Around the middle of the 1800 the importance of traditional architectures, local culture, typical clothing and food, vernaculars and languages, trades and life stories became part of our heritage that needs to be passed on.

This discovery led to a discussion around the concept of the traditional museum, intended as a display of works or a collection. It became clear that the storytelling of a place and of its local community asked for different ways of collection, cataloguing, distribution.

First examples of life scenes and rural trades reconstructions arose around 1890 in Scandinavia, using houses and other typical buildings dismounted and mounted as the original models (Skansen on the Stockholm hills, still existing today) and people reproducing traditional activities as in the past.

In 1962 the Malraux Act in France stated a new idea of culture based on the recognition that “any cultural heritage is surrounded by a portion of territory which is part of its value and its meaning” At the end of the 60’s another important interpretation stated that in culture what matters is not what is beautiful, unique or precious but what gives the chance to retrace and tell the story of the communities and therefore of the people that lived there and are stil living there nowadays.

First ecomuseums appeared officially at the end of the 70’s. The new museology intends the ecomuseum as the cultural sources of a territory, mills, furnaces, machineries, equipped itinearies. Nevertheless this would not be enough without the participation of the local communities to keep the heritage alive in order that the ecomuseum could grow up.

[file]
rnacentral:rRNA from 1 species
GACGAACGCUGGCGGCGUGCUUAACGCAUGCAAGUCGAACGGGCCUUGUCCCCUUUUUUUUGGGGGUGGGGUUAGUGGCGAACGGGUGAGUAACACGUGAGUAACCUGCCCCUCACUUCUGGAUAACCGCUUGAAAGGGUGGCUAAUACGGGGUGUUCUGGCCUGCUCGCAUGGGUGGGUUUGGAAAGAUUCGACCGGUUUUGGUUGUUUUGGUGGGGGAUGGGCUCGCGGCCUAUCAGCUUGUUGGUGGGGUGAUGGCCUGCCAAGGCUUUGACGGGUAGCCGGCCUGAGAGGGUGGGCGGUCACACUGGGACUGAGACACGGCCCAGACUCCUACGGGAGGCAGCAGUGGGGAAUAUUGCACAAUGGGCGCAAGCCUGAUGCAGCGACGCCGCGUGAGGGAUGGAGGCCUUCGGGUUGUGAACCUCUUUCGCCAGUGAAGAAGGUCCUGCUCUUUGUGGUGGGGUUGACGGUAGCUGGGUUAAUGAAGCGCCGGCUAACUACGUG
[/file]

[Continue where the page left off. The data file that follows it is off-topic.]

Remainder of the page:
The Ecomuseums of Piedmont Region

In 1995 Piedmont was the first Region of Italy to issue an ecomuseum act, the L.R. 31/95 “Istituzione di Ecomusei del Piemonte”.

Through the ecomuseum act, the Regional Council institutes the ecomuseums following the evaluation of the projects made by the Scientific Commitee based on the Giunta Regionale (Regional Committee).

The Ecomuseums Laboratory, instituted by Piedmont Region, gives technical-scientific support to the regional policy on ecomuseums, providing consultation to the instituted ecomuseums


What is an Ecomuseum?

Two different definitions to explain the concept of the Ecomuseo Regionale delle Miniere and Val Germanasca:

“The “Ecomuseo” is a contributed activity of promotion of the local community culture and heritage which developed and elaborated it together with institutional subjects in a sustainable development perspective”. Charter of Catania, 2007

“An ecomuseum aims to enhance the entirety of a culture and heritage related to a geographical territory, its identity and its community, based on local participation also involving an organization in order to promote the welfare and development of local communities”. E. Camanni

What does an ecomuseum do?

An ecomuseum does many things. It works on and for a territory. It works with and for its community. It proposes activities and initiatives, connecting different generations, traditions, cultures so that the role of ecomuseums is deeply appreciated by local communities and by a demanding and careful tourism devoted to the issues of sustainable development.